What’s all the fuss about Division 7A?

Division 7A is not a new concept. It was introduced by the Australian Government on 4 December 1997 in an effort to prevent company shareholders from receiving tax-free payments from private companies. Over the years, as part of its anti-avoidance measures, the ATO has added further sub-sections to address several loopholes in the legislation.

Background

Historically, instead of companies making payments to shareholders as dividends and the recipients declaring the dividends as taxable income, it was possible for companies to instead distribute funds under the guise of a loan or a gift, with the result that individuals could avoid paying tax at the personal rate.

If a company were to pay a dividend, a franked dividend would have franking credits attached to it at the company tax rate of 30% (or 25% for base rate entities in 2022) and an individual would then be required to pay a top-up tax – the difference between the tax paid by the company and an individual’s marginal tax rate, which can be up to 47% including Medicare levy. This leaves a margin of up to 22% tax owed by the shareholder.

Current Legislation

However, under current legislation, if an arrangement between a private company and a shareholder is caught under Division 7A, the benefit will be considered a “deemed dividend” and the shareholder will have to pay tax at their full marginal tax rate rather than merely a top-up tax, as deemed dividends are not usually franked. This means that individuals are essentially paying double the tax – a high price to pay if you are not across the latest legislation.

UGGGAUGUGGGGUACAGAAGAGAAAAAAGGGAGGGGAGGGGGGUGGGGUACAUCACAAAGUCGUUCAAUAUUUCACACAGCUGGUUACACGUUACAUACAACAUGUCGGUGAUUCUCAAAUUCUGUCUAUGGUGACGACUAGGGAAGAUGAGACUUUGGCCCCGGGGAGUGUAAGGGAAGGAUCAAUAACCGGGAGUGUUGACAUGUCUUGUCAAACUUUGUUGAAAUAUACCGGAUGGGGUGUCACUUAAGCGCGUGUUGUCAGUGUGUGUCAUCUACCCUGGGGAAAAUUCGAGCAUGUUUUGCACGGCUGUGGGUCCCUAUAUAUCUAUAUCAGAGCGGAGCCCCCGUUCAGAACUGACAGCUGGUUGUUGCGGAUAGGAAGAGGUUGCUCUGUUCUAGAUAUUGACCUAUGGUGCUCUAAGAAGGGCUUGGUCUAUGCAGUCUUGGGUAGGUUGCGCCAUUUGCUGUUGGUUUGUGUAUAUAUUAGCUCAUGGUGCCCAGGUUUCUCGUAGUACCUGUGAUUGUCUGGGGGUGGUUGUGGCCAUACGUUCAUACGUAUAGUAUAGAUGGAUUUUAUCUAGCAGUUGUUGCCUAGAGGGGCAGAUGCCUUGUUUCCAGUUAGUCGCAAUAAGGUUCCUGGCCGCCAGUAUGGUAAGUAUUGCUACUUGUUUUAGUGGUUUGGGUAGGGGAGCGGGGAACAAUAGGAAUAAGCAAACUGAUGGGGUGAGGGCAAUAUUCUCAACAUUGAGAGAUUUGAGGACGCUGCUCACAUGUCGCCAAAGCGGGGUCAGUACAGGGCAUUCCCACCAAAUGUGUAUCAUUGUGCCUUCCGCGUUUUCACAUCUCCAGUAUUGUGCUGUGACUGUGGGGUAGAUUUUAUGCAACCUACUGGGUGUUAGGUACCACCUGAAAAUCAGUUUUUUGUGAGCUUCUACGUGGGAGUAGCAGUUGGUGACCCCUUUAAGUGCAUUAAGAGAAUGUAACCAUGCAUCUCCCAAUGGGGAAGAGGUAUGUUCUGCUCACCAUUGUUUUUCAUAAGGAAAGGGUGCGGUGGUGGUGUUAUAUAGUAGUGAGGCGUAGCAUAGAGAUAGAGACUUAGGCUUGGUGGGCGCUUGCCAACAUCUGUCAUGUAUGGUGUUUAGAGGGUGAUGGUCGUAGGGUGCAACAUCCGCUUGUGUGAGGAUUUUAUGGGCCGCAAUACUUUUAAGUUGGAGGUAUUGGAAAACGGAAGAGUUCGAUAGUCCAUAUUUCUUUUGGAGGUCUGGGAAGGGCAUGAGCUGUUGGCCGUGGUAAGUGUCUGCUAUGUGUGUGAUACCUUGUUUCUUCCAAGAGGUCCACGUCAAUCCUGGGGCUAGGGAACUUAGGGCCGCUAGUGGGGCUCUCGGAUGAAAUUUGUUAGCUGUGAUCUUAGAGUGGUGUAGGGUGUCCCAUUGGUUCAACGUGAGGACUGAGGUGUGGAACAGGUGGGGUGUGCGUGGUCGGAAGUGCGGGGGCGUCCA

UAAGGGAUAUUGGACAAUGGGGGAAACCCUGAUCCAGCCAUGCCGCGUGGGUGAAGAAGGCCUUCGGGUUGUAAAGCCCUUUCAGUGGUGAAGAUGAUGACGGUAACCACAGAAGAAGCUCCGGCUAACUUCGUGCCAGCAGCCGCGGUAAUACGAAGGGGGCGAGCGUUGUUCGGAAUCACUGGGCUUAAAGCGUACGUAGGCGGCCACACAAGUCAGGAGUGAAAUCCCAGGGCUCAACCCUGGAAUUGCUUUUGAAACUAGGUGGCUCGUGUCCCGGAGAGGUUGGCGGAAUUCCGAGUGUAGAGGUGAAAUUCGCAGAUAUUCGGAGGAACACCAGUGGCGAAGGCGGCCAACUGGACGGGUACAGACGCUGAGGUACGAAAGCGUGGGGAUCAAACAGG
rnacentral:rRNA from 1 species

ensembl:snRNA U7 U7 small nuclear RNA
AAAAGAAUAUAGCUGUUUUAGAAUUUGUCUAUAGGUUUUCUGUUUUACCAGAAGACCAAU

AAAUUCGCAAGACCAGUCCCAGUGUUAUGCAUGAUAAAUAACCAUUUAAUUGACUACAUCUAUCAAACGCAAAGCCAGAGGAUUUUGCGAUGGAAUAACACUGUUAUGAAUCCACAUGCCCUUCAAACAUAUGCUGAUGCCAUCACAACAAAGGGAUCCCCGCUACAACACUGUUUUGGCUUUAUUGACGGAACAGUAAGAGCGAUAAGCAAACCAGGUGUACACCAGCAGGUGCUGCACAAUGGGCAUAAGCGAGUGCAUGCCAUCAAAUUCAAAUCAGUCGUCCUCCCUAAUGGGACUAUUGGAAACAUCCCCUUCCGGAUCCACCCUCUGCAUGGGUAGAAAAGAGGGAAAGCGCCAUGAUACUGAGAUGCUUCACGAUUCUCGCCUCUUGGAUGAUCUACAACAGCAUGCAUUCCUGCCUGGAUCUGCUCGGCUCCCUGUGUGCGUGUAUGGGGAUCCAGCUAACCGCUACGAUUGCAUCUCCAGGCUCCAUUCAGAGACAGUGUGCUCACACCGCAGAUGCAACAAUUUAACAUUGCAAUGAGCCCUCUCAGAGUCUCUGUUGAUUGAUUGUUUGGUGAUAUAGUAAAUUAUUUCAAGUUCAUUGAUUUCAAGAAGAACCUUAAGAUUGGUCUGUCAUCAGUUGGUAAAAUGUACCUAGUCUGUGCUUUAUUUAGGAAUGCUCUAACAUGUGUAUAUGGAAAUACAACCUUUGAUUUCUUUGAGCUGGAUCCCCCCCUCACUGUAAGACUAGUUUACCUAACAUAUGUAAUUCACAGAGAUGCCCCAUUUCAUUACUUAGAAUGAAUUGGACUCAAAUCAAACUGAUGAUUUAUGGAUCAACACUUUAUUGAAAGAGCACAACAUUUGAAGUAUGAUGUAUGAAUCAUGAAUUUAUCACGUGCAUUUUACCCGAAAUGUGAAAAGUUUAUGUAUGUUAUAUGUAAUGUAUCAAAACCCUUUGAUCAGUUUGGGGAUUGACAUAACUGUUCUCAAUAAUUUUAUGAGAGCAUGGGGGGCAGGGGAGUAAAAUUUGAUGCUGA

Arrangements that are captured under Division 7A go beyond loans or gifts to shareholders, but could be payments made to shareholders’ associates, which include: partners, children and other relatives, or a trustee of a trust under which the individual or an associate benefits. Division 7A also covers trust distributions made to corporate beneficiaries that are not fully distributed. These undistributed amounts are known as unpaid present entitlements or UPEs. Any of these financial arrangements could be classified as deemed dividends with no franking credits, invoking a high penalty for the taxpayer.

Loan Agreements

One way to avoid the higher tax of deemed dividends is to enter into a Division 7A loan agreement. A Division 7A loan requires a written agreement to be made before the lodgement day of the income year in which the payment is made. The loan interest payments must meet the benchmark interest rate and the maximum loan term cannot be exceeded. If monies given to company shareholders or their associates are covered under such an agreement, so long as the loan requirements are met the payment will not be classified as a deemed dividend.

Division 7A is ever-present and needs to be managed carefully where it may apply. In July of this year, the ATO released a tax determination (TD 2022/11) outlining the Commissioner’s stance on the application of Division 7A and its consequences for UPEs. This demonstrates that Division 7A compliance remains a top priority of the ATO. When the ATO is reviewing financial statements, it will be looking for any potential breaches of Division 7A, so it is paramount that due attention be given to any transactions that might fall under this division.

Contact Pilot

If you think Division 7A might apply to you or you have any questions, please contact Jason Bayliss or your Pilot advisor on (07) 3023 1300.